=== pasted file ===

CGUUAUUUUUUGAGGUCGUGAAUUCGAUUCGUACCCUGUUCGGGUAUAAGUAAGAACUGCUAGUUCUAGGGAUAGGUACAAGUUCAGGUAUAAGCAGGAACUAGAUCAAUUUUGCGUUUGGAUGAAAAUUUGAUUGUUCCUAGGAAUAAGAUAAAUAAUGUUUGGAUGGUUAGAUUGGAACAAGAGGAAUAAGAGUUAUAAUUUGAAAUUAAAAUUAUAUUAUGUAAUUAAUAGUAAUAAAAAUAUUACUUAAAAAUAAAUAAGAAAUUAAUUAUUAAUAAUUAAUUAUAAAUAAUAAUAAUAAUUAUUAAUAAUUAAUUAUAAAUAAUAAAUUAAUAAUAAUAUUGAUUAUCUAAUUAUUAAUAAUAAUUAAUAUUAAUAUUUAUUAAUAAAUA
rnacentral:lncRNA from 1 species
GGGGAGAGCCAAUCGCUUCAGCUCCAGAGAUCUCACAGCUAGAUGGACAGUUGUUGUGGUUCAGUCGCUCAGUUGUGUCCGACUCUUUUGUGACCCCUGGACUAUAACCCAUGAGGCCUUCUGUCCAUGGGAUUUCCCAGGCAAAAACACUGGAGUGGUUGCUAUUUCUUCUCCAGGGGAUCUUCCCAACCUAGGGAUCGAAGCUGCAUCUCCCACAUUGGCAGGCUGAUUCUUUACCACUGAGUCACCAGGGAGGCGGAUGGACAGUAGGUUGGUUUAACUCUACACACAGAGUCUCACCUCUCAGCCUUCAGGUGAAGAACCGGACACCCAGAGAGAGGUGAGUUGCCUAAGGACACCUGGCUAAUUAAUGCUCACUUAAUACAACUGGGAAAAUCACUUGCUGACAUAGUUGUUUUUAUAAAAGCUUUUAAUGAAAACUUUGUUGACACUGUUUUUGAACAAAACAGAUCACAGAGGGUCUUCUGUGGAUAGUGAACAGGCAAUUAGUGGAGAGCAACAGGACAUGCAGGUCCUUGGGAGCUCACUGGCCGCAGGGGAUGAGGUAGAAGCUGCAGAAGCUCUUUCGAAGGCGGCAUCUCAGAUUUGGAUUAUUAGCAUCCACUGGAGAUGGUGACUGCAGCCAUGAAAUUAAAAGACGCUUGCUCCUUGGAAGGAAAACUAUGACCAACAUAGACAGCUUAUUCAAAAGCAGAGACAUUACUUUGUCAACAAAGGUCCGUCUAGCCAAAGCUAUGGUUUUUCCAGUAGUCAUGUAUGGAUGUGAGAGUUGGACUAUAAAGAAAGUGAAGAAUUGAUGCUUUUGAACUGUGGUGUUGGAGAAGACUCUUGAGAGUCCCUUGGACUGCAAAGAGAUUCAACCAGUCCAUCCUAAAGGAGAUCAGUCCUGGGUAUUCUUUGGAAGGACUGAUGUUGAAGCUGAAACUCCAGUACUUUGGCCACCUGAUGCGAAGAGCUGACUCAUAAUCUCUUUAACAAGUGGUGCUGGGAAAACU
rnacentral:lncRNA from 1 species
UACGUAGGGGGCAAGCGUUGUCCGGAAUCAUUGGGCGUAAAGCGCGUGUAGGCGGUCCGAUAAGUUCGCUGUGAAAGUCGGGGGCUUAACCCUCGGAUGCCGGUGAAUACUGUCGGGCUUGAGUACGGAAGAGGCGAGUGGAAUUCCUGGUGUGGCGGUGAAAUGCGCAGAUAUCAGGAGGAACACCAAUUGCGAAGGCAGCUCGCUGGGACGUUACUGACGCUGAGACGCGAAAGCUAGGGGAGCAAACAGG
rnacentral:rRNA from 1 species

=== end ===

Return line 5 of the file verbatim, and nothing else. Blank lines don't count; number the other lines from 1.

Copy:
UACGUAGGGGGCAAGCGUUGUCCGGAAUCAUUGGGCGUAAAGCGCGUGUAGGCGGUCCGAUAAGUUCGCUGUGAAAGUCGGGGGCUUAACCCUCGGAUGCCGGUGAAUACUGUCGGGCUUGAGUACGGAAGAGGCGAGUGGAAUUCCUGGUGUGGCGGUGAAAUGCGCAGAUAUCAGGAGGAACACCAAUUGCGAAGGCAGCUCGCUGGGACGUUACUGACGCUGAGACGCGAAAGCUAGGGGAGCAAACAGG